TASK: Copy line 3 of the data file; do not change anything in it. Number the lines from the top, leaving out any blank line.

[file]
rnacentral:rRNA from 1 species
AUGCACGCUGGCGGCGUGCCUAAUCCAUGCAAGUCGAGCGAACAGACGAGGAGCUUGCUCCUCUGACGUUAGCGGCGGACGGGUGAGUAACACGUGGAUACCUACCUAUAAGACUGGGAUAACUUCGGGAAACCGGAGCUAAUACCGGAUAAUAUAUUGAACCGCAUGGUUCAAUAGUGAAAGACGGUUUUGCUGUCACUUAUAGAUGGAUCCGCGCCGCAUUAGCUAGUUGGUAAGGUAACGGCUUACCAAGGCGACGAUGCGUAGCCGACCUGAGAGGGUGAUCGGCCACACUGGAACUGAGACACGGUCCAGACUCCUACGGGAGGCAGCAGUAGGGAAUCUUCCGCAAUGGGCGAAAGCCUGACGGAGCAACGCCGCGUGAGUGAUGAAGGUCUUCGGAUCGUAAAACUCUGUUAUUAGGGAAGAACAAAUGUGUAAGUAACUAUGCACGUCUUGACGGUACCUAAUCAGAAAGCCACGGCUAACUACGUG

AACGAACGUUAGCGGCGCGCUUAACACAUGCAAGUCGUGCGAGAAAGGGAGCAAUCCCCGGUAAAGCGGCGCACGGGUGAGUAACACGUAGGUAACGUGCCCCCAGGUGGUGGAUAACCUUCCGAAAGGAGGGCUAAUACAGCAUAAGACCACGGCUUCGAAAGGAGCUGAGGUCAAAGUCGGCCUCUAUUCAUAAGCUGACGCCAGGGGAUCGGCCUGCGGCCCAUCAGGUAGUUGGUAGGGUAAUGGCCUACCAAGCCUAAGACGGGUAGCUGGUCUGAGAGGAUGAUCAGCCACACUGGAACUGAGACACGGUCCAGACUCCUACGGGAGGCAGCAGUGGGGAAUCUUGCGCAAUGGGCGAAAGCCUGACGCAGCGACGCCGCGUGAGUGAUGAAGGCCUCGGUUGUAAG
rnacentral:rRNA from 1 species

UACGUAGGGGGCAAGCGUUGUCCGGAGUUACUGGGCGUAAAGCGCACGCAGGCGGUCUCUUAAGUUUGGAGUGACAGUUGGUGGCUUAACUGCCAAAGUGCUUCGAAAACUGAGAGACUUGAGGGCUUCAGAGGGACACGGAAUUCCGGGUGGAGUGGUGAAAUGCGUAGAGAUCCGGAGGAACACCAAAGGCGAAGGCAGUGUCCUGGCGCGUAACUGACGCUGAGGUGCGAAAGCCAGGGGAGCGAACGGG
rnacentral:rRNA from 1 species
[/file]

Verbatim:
AACGAACGUUAGCGGCGCGCUUAACACAUGCAAGUCGUGCGAGAAAGGGAGCAAUCCCCGGUAAAGCGGCGCACGGGUGAGUAACACGUAGGUAACGUGCCCCCAGGUGGUGGAUAACCUUCCGAAAGGAGGGCUAAUACAGCAUAAGACCACGGCUUCGAAAGGAGCUGAGGUCAAAGUCGGCCUCUAUUCAUAAGCUGACGCCAGGGGAUCGGCCUGCGGCCCAUCAGGUAGUUGGUAGGGUAAUGGCCUACCAAGCCUAAGACGGGUAGCUGGUCUGAGAGGAUGAUCAGCCACACUGGAACUGAGACACGGUCCAGACUCCUACGGGAGGCAGCAGUGGGGAAUCUUGCGCAAUGGGCGAAAGCCUGACGCAGCGACGCCGCGUGAGUGAUGAAGGCCUCGGUUGUAAG